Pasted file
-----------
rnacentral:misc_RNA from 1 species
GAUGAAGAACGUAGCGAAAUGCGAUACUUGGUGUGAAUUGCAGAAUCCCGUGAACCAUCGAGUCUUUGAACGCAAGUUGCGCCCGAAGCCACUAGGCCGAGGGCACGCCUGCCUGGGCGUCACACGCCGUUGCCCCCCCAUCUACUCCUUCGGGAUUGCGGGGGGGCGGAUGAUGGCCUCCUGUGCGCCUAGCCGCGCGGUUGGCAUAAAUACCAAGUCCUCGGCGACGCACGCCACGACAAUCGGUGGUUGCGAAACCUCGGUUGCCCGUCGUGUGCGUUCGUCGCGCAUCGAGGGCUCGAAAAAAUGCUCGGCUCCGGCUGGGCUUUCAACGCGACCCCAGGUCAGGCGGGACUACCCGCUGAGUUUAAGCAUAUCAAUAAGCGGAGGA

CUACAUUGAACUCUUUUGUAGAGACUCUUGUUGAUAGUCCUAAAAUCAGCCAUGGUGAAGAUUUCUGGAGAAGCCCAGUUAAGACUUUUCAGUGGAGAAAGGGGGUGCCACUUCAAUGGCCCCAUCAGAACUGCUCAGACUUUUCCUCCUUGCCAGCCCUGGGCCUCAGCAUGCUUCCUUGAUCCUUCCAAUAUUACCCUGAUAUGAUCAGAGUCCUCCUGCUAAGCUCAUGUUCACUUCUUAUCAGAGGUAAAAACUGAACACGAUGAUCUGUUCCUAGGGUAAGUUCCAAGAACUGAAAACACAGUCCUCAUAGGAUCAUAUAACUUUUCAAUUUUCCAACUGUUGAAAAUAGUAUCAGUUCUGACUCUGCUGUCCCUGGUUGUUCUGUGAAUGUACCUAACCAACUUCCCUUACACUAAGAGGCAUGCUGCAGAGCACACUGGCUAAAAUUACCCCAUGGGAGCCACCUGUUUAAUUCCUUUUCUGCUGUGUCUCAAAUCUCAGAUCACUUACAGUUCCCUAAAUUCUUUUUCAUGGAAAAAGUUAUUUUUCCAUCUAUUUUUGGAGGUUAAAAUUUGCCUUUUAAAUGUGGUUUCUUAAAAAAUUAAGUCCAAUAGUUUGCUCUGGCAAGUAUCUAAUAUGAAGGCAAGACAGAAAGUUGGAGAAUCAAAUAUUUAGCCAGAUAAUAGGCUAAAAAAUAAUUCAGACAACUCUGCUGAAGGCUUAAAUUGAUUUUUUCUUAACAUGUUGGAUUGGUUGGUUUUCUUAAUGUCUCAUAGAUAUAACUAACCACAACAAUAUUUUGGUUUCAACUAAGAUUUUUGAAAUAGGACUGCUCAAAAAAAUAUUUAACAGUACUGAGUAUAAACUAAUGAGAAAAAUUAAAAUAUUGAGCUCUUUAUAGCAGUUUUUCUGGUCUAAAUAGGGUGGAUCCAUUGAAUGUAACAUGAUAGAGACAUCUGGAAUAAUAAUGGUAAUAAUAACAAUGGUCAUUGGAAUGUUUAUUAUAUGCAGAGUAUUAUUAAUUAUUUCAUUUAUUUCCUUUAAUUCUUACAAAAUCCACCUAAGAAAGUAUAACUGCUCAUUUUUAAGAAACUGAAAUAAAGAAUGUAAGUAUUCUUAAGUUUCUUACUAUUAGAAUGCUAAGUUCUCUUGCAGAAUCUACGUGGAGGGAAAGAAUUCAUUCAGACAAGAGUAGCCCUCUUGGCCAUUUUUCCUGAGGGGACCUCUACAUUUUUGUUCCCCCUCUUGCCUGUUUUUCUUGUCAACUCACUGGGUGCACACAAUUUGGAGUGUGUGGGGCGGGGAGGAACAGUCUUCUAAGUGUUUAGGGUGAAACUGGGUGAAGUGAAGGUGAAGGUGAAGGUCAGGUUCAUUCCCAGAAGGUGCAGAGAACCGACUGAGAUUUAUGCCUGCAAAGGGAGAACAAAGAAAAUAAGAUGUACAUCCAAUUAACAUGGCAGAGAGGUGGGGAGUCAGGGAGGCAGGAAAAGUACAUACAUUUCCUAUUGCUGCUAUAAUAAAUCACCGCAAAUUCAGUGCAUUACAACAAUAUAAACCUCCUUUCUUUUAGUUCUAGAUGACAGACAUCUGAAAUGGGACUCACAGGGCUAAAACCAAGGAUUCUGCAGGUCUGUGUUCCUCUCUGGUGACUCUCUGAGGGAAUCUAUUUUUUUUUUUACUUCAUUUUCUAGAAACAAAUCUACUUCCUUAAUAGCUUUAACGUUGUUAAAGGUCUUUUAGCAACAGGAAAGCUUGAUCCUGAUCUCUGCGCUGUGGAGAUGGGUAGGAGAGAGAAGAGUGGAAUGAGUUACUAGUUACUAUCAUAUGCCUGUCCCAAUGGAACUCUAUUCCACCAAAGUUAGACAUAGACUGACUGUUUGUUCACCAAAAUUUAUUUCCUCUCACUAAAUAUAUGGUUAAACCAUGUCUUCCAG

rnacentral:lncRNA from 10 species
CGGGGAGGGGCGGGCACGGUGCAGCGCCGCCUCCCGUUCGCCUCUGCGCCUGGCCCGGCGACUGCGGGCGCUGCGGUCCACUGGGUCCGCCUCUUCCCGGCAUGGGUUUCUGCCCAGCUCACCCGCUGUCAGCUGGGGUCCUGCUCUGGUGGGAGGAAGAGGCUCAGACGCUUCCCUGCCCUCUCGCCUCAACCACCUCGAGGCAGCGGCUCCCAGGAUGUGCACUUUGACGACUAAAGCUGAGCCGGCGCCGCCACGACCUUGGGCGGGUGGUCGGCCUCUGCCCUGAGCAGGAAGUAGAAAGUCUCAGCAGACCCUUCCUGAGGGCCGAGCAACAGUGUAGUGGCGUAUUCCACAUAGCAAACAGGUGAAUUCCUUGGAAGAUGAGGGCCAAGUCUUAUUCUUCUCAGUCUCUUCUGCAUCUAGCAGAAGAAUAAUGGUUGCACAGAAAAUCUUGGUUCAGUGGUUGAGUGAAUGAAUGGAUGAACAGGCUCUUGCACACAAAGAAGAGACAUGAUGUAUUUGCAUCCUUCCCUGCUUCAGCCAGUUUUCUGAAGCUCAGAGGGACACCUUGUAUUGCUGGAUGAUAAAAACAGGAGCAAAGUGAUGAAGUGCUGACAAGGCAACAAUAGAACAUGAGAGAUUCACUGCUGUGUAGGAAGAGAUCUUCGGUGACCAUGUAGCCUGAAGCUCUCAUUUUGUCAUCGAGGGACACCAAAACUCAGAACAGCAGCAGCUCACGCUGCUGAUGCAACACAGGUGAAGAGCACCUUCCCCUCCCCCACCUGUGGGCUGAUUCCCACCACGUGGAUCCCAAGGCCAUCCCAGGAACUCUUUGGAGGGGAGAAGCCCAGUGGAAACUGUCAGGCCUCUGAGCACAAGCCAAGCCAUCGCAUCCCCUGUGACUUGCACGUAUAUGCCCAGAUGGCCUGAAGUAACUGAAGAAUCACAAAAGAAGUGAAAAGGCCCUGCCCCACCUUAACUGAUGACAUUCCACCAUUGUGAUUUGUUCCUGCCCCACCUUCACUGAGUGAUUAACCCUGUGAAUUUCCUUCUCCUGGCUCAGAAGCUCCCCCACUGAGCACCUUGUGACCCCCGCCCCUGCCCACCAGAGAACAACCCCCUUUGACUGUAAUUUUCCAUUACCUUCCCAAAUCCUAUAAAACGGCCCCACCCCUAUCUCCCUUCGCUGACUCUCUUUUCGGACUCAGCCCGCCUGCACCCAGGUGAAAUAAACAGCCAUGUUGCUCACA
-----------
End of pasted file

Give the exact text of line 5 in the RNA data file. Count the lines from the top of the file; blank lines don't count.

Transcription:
CGGGGAGGGGCGGGCACGGUGCAGCGCCGCCUCCCGUUCGCCUCUGCGCCUGGCCCGGCGACUGCGGGCGCUGCGGUCCACUGGGUCCGCCUCUUCCCGGCAUGGGUUUCUGCCCAGCUCACCCGCUGUCAGCUGGGGUCCUGCUCUGGUGGGAGGAAGAGGCUCAGACGCUUCCCUGCCCUCUCGCCUCAACCACCUCGAGGCAGCGGCUCCCAGGAUGUGCACUUUGACGACUAAAGCUGAGCCGGCGCCGCCACGACCUUGGGCGGGUGGUCGGCCUCUGCCCUGAGCAGGAAGUAGAAAGUCUCAGCAGACCCUUCCUGAGGGCCGAGCAACAGUGUAGUGGCGUAUUCCACAUAGCAAACAGGUGAAUUCCUUGGAAGAUGAGGGCCAAGUCUUAUUCUUCUCAGUCUCUUCUGCAUCUAGCAGAAGAAUAAUGGUUGCACAGAAAAUCUUGGUUCAGUGGUUGAGUGAAUGAAUGGAUGAACAGGCUCUUGCACACAAAGAAGAGACAUGAUGUAUUUGCAUCCUUCCCUGCUUCAGCCAGUUUUCUGAAGCUCAGAGGGACACCUUGUAUUGCUGGAUGAUAAAAACAGGAGCAAAGUGAUGAAGUGCUGACAAGGCAACAAUAGAACAUGAGAGAUUCACUGCUGUGUAGGAAGAGAUCUUCGGUGACCAUGUAGCCUGAAGCUCUCAUUUUGUCAUCGAGGGACACCAAAACUCAGAACAGCAGCAGCUCACGCUGCUGAUGCAACACAGGUGAAGAGCACCUUCCCCUCCCCCACCUGUGGGCUGAUUCCCACCACGUGGAUCCCAAGGCCAUCCCAGGAACUCUUUGGAGGGGAGAAGCCCAGUGGAAACUGUCAGGCCUCUGAGCACAAGCCAAGCCAUCGCAUCCCCUGUGACUUGCACGUAUAUGCCCAGAUGGCCUGAAGUAACUGAAGAAUCACAAAAGAAGUGAAAAGGCCCUGCCCCACCUUAACUGAUGACAUUCCACCAUUGUGAUUUGUUCCUGCCCCACCUUCACUGAGUGAUUAACCCUGUGAAUUUCCUUCUCCUGGCUCAGAAGCUCCCCCACUGAGCACCUUGUGACCCCCGCCCCUGCCCACCAGAGAACAACCCCCUUUGACUGUAAUUUUCCAUUACCUUCCCAAAUCCUAUAAAACGGCCCCACCCCUAUCUCCCUUCGCUGACUCUCUUUUCGGACUCAGCCCGCCUGCACCCAGGUGAAAUAAACAGCCAUGUUGCUCACA